Ahead of the next event, aimed at women, Jon Yeo tells Time Out about bringing the TED phenomenon to Melbourne
Jon, for people who live under a rock, can you explain what TED is?
TED began 28 years ago as a conference of people who were interested in ‘ideas worth spreading’. It became known later on for its famous 18-minute talks, most notably from people like the Dalai Lama and Al Gore, to name a few. With TEDxMelbourne, what the ‘x’ stands for is ‘individually organised event’. We are a not-for-profit run by volunteers to create TED live experiences in Melbourne. We do that with TEDxGlobal via a license.
You’re the licence holder. How did that come about?
It’s an interesting one. I had a friend of mine who was the previous license holder. She decided one year to spend her time organising the next TEDxMelbourne… or her wedding. She obviously chose the wedding. I put my hand up [to take over], not really knowing what was involved in terms of the event running, but I soon felt that TED would be an interesting opportunity. And the rest, as they say, is history. It’s a part-time job that sometimes turns into a full-time job, but it really gives me an opportunity to use TED to explore and prototype the ideas that I have in a controlled way to see how they work. The average TED committee has 30 people; we run it with six.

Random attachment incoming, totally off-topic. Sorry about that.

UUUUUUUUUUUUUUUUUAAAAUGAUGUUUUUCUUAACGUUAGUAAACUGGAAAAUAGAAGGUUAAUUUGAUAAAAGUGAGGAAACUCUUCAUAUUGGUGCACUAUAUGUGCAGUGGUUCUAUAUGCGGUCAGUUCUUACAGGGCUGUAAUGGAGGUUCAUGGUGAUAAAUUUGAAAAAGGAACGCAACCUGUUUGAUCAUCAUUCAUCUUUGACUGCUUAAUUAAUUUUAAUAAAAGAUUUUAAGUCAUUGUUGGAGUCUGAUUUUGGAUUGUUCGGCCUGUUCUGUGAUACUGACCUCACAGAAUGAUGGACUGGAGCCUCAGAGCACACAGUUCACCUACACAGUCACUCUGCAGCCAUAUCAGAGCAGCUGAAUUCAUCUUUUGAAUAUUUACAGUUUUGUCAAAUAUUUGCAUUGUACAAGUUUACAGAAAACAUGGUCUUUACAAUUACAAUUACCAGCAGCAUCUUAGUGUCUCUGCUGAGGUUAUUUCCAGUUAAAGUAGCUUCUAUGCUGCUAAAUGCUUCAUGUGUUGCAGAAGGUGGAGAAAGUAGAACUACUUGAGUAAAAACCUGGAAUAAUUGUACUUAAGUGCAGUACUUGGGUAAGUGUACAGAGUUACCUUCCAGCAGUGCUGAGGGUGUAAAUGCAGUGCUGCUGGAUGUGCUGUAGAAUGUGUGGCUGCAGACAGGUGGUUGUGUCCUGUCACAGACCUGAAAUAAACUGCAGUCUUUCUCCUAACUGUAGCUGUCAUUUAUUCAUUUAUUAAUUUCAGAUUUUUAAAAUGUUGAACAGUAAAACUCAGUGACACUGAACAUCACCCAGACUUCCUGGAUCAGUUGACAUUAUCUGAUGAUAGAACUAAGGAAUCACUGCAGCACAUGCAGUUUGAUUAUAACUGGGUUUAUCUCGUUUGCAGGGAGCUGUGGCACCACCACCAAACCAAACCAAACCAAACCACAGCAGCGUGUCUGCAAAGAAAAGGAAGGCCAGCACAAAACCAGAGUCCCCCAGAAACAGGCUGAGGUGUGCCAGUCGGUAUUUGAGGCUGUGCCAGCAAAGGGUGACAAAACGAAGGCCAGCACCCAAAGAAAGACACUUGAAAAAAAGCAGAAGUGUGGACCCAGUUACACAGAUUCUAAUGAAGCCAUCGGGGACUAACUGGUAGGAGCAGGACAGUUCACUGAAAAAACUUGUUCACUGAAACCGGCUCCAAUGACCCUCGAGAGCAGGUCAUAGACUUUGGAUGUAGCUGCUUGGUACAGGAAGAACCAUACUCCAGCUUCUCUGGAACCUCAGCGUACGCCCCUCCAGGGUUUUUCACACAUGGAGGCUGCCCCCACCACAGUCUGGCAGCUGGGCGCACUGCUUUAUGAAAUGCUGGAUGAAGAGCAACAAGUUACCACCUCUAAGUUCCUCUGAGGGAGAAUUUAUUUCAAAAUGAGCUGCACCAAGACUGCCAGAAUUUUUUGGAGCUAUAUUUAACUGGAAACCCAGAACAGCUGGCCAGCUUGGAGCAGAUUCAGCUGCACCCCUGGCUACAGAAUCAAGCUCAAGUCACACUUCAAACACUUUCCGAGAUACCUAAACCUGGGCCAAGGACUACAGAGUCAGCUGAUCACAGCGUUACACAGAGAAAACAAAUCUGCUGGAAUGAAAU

How did you first get introduced to TED? What was the first video you saw?
That’s very difficult [to say]. When it first came online, which was around 2005, it was so viral that I got possibly dozens of people telling me [about it] simultaneously. I’m not 100 percent sure which person was the first. But what I do remember is the first talk I saw was by Jill Bolte Taylor, which was just launched at the time and which has become one of the most famous TED talks. It was about her experience as a brain scientist, documenting her stroke as she was actually experiencing it. Parts of her brain were switching on and off at random times. She was documenting everything that was coming to her at the time.